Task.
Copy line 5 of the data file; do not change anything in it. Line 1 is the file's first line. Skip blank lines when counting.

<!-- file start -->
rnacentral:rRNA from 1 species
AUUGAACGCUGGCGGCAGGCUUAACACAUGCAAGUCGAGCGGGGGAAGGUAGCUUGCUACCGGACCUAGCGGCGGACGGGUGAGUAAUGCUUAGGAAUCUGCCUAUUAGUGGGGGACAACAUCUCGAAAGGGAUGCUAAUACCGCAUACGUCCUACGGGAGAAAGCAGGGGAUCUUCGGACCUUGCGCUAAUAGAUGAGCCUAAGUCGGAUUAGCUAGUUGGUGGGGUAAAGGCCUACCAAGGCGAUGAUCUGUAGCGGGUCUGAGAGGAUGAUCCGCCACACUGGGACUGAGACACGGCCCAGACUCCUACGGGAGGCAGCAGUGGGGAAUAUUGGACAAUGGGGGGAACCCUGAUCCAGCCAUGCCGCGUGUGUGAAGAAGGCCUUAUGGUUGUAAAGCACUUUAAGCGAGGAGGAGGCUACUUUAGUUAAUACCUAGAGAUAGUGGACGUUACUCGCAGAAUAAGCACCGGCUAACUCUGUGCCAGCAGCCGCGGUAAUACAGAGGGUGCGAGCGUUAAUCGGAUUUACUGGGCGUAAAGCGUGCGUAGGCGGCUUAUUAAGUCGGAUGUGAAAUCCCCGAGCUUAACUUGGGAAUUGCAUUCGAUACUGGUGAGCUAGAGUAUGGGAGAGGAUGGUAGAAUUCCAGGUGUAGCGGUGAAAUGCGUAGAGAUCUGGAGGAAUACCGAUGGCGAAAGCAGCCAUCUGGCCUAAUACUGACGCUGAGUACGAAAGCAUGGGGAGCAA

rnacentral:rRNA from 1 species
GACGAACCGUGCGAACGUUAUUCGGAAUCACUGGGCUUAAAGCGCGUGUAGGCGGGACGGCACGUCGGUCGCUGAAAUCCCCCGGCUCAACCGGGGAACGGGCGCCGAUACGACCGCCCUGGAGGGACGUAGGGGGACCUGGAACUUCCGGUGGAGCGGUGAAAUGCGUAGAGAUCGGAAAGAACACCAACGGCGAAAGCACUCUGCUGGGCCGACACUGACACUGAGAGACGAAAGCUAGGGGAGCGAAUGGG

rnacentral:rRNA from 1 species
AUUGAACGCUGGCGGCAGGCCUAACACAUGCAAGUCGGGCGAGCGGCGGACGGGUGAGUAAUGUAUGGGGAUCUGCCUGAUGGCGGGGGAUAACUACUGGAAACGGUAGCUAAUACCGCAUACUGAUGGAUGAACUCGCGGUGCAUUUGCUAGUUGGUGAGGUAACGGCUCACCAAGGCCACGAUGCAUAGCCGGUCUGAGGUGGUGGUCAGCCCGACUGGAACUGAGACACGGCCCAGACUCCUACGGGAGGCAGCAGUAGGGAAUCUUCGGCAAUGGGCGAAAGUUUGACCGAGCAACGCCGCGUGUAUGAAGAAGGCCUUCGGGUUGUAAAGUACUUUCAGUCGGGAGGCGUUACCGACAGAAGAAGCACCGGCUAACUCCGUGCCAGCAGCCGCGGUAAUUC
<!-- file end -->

rnacentral:rRNA from 1 species